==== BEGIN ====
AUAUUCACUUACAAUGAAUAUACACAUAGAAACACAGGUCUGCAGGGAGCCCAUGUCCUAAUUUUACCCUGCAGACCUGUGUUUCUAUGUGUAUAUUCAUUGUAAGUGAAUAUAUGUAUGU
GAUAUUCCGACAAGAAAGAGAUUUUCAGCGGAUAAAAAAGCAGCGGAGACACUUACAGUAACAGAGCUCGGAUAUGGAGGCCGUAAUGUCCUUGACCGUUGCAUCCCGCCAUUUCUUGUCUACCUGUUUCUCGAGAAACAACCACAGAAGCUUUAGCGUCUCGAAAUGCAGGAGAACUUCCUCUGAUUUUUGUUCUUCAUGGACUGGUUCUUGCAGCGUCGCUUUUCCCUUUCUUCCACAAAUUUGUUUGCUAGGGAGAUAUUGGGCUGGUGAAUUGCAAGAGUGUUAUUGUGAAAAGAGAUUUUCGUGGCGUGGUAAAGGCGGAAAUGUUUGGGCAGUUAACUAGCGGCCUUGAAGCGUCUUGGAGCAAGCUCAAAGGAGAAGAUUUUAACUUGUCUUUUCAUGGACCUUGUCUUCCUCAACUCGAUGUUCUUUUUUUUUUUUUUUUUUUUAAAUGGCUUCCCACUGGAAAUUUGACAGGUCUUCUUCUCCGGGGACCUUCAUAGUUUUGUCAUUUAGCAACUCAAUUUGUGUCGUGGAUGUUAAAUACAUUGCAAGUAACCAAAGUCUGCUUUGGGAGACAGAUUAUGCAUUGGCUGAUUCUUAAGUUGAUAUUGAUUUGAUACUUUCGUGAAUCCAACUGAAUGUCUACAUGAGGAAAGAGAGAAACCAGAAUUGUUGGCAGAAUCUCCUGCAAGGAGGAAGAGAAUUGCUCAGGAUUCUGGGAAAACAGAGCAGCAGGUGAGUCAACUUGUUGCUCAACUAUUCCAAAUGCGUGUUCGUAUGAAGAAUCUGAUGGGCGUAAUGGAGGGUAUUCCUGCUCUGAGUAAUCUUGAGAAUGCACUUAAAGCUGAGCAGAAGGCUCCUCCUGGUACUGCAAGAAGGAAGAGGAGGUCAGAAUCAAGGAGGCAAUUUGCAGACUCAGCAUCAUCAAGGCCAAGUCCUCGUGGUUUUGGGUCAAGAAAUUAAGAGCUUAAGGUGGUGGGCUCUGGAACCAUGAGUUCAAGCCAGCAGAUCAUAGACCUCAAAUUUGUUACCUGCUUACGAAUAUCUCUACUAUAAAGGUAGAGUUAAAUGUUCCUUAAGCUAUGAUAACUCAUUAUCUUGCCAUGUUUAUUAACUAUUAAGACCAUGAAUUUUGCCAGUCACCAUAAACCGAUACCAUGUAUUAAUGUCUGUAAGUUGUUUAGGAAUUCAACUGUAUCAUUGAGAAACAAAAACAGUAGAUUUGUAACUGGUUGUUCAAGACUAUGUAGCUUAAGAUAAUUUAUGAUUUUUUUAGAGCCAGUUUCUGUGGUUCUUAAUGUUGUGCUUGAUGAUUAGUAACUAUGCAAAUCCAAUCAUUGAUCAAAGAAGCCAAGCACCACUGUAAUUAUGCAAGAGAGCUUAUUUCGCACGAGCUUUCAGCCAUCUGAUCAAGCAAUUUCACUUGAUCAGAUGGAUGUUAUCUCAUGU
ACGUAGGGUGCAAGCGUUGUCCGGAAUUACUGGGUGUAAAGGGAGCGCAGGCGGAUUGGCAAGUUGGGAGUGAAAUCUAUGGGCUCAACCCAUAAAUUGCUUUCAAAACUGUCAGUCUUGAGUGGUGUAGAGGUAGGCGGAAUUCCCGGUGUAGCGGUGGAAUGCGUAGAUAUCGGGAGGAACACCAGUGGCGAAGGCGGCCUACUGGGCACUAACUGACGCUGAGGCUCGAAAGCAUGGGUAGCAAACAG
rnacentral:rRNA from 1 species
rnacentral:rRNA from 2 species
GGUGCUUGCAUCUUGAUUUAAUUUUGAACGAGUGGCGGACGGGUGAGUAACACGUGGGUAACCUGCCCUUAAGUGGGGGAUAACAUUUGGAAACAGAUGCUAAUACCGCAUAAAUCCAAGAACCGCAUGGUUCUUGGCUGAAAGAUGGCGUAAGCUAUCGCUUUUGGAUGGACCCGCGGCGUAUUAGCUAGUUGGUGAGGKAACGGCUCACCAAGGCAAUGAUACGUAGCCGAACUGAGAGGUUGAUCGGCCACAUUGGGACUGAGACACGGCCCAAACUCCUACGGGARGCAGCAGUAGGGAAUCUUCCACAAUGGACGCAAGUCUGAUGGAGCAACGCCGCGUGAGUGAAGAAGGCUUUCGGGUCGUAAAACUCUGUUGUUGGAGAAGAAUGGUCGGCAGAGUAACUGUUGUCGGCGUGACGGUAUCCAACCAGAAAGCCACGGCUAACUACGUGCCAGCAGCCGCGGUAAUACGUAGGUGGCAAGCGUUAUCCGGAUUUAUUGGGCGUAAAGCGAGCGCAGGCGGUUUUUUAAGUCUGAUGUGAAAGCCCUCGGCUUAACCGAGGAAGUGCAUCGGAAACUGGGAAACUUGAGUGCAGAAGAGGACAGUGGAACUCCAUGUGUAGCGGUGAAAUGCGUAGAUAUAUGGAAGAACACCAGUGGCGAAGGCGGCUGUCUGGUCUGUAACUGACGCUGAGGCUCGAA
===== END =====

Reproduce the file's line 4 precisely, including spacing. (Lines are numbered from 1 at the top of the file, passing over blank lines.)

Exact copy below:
rnacentral:rRNA from 1 species